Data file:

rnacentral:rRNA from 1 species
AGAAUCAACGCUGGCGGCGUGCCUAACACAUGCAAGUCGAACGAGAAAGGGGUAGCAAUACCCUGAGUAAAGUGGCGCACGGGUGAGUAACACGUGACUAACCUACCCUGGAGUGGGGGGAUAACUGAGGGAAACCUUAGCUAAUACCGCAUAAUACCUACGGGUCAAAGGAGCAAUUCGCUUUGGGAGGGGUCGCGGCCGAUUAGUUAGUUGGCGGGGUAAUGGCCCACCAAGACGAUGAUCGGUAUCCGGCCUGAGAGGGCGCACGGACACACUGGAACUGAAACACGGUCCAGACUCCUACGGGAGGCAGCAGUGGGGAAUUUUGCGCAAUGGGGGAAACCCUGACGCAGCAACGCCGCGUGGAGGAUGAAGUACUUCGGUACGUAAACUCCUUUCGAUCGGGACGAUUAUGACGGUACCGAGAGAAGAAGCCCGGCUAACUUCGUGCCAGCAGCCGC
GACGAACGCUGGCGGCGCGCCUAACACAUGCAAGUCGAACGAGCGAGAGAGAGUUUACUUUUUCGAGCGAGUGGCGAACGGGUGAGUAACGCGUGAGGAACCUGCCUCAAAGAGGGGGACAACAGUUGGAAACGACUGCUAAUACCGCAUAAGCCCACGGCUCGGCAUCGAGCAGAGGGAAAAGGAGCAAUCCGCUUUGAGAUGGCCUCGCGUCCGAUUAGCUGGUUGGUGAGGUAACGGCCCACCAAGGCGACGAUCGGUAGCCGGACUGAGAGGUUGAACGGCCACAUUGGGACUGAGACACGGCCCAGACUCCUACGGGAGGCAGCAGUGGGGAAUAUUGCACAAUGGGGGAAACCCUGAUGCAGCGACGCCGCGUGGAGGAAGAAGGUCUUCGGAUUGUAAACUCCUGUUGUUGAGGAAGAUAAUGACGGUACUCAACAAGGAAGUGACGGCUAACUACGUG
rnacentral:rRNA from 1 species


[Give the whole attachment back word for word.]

rnacentral:rRNA from 1 species
AGAAUCAACGCUGGCGGCGUGCCUAACACAUGCAAGUCGAACGAGAAAGGGGUAGCAAUACCCUGAGUAAAGUGGCGCACGGGUGAGUAACACGUGACUAACCUACCCUGGAGUGGGGGGAUAACUGAGGGAAACCUUAGCUAAUACCGCAUAAUACCUACGGGUCAAAGGAGCAAUUCGCUUUGGGAGGGGUCGCGGCCGAUUAGUUAGUUGGCGGGGUAAUGGCCCACCAAGACGAUGAUCGGUAUCCGGCCUGAGAGGGCGCACGGACACACUGGAACUGAAACACGGUCCAGACUCCUACGGGAGGCAGCAGUGGGGAAUUUUGCGCAAUGGGGGAAACCCUGACGCAGCAACGCCGCGUGGAGGAUGAAGUACUUCGGUACGUAAACUCCUUUCGAUCGGGACGAUUAUGACGGUACCGAGAGAAGAAGCCCGGCUAACUUCGUGCCAGCAGCCGC
GACGAACGCUGGCGGCGCGCCUAACACAUGCAAGUCGAACGAGCGAGAGAGAGUUUACUUUUUCGAGCGAGUGGCGAACGGGUGAGUAACGCGUGAGGAACCUGCCUCAAAGAGGGGGACAACAGUUGGAAACGACUGCUAAUACCGCAUAAGCCCACGGCUCGGCAUCGAGCAGAGGGAAAAGGAGCAAUCCGCUUUGAGAUGGCCUCGCGUCCGAUUAGCUGGUUGGUGAGGUAACGGCCCACCAAGGCGACGAUCGGUAGCCGGACUGAGAGGUUGAACGGCCACAUUGGGACUGAGACACGGCCCAGACUCCUACGGGAGGCAGCAGUGGGGAAUAUUGCACAAUGGGGGAAACCCUGAUGCAGCGACGCCGCGUGGAGGAAGAAGGUCUUCGGAUUGUAAACUCCUGUUGUUGAGGAAGAUAAUGACGGUACUCAACAAGGAAGUGACGGCUAACUACGUG
rnacentral:rRNA from 1 species